Central Line Infections

What is a Central Line Infection - Blood Stream Infection (CLI-BSI)?

Patients require a central line when blood, fluid replacement and/or nutrition need to be given to them intravenously. Central lines also allow health care providers to monitor fluid status and make determinations about the heart and blood. Central line infections occur when a central venous catheter (or “line”) placed into a patient’s vein gets infected. This happens when bacteria grow in the line and spreads to the patient’s bloodstream, causing a patient to become sick. The bacteria can come from a variety of places (e.g., skin, wounds, environment, etc.), though it may often come from the patient’s skin. Hospitals follow best practices on how to prevent bacteria from entering the blood stream. Patients in the Critical Care Unit (CCU) often require a central line since they are seriously ill, and will require a lot of medication, for a long period of time.

The rate is calculated as follows:
Number of new hospital-acquired cases of
CLI-BSI in CCU X 1000
Total number of central line days in CCU

What is your hospital doing to improve CLI bloodstream infection rates?

Our hospital has implemented a number of recommended best practices as outlined by the National Campaign Safer Health Care Now.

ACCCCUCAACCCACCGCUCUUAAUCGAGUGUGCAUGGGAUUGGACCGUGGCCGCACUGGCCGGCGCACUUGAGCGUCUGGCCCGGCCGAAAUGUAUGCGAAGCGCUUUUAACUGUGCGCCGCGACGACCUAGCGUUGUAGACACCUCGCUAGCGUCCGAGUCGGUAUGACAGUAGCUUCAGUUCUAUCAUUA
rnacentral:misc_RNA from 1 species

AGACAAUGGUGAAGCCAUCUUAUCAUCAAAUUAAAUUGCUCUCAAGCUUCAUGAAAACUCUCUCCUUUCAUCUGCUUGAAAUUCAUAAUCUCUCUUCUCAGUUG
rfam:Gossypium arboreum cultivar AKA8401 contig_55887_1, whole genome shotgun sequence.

How serious are CLI bloodstream infections for patients?

Sometimes, a central line infection may spread to the blood stream and may affect organ function, and in severe cases may cause death.

Patient safety remains the most important priority for our hospital; this involves ensuring that patients are not at risk for contracting health care-associated infections.

We have sound infection control programs in place and are committed to using standardized patient safety data and public reporting to drive further improvements.

Can you only get a central line infection in a CCU?

You can get a central line infection in any environment if you have a central line in place (i.e., a hospital ward or at home). However, patients that develop a central line blood stream infection usually become sick very quickly, and are transferred to a CCU for immediate treatment.

The Ministry of Health and Long – Term Care has asked the CLI bloodstream infection rates in CCUs be publicly reported because this is where the majority of patients have central lines.

How are CLI bloodstream infections treated?

CLIs are treated with antibiotics, and patients are usually transferred to the CCU. In all cases they are cared for by a team of highly skilled professionals.

More patient-specific information is available at www.ontario.ca/patientsafety and www.oha.com/patientsafetytips and www.oha.com/cleanhandsprotectlives.

Source: Ministry of Health and Long-Term Care

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